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  5. "Panis domi est."

"Panis domi est."

Translation:The bread is at home.

September 24, 2019



Materrrrrr, panem velim!!! "Panis domi est!"


Panem domi habemus.

Panis domi:


Lockdown also applies to baked goods, no exceptions.


the problem with today's generation of baked goods is that they stay out all night and our never home, instead getting into all kinds of trouble.

Sounds like this bread was raised right.



domi here is the locative yes.


Shouldn't it have accepted "The bread is home"? 8/19/20


In English that implies not that you have bread at your home, but rather that the bread has just arrived at the bread's home (same way as you might say, "Dad is home,") so no. :)


Quick Confirmation: Panis is used when saying "the bread", and panem is used when saying "bread", correct? I'm really confused on this one.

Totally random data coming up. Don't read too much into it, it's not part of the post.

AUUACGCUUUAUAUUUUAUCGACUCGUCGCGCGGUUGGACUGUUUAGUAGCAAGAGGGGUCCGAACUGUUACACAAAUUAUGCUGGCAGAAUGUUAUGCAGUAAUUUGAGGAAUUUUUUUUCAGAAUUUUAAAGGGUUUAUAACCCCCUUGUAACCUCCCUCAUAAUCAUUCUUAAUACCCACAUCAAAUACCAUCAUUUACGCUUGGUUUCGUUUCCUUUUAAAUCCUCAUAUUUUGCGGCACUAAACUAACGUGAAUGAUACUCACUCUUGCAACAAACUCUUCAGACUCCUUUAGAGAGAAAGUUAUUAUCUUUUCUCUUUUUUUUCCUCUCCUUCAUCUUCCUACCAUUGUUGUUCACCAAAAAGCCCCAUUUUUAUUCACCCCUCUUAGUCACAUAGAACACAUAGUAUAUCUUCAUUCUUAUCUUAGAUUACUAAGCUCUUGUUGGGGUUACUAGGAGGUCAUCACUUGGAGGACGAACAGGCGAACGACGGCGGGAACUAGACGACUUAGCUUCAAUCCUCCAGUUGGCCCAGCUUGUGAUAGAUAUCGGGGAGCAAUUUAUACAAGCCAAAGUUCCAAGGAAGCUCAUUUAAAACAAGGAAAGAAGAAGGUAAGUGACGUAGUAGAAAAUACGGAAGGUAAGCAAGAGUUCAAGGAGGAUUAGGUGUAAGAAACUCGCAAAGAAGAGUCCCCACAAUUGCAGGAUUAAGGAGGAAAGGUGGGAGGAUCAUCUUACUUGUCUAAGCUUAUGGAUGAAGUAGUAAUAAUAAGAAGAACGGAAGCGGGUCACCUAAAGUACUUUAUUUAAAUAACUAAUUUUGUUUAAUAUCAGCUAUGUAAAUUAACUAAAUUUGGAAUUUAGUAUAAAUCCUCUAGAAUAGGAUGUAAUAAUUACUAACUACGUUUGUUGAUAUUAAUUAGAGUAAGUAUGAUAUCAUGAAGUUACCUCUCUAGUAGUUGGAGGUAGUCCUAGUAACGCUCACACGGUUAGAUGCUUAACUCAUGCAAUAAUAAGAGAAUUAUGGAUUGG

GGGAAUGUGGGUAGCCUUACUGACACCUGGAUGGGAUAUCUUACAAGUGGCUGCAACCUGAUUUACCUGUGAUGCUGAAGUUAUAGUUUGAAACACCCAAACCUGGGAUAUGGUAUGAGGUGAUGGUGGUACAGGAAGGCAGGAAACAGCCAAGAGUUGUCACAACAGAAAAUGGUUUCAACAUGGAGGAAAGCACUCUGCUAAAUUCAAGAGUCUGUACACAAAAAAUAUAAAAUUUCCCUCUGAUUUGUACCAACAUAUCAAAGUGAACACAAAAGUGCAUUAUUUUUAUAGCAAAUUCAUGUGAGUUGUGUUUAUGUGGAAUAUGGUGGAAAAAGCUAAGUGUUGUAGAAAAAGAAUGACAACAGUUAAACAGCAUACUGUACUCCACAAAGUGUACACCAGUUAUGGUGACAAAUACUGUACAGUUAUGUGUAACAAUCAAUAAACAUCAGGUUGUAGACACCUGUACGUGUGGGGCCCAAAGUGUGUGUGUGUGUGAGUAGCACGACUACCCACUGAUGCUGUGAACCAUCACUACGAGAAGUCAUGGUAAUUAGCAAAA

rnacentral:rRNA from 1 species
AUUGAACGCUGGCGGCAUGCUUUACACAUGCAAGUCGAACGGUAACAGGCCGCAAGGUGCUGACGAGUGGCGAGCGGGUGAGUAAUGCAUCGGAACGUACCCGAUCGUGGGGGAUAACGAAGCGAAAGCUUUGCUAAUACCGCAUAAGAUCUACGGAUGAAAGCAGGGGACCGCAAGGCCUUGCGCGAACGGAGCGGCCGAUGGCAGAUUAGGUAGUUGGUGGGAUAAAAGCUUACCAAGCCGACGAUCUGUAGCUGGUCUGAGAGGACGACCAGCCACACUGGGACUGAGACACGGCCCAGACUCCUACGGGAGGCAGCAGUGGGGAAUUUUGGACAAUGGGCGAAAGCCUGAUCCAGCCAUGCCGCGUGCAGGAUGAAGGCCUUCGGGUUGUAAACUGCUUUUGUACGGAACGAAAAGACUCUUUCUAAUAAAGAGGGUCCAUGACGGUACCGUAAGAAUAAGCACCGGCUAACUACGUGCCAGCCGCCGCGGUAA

Both can be translated as 'the bread' or 'bread'. The difference has to due with its grammatical case, the role the noun plays in the sentence.

Panis is the nominative singular, the subject of the sentence, the thing doing the action or being described (as it is here). It can also be the genitive singular, but the course currently does not use the genitive form panis.

Panem is the accusative singular, the direct object of the sentence, the thing the verb action is being done to.

Vir panem habet -> 'The man has the bread' or 'The man has bread'. The having is being done to the bread.

Panis bene olet -> 'The bread smells good'. The bread is the thing giving off a smell, the thing doing the action.

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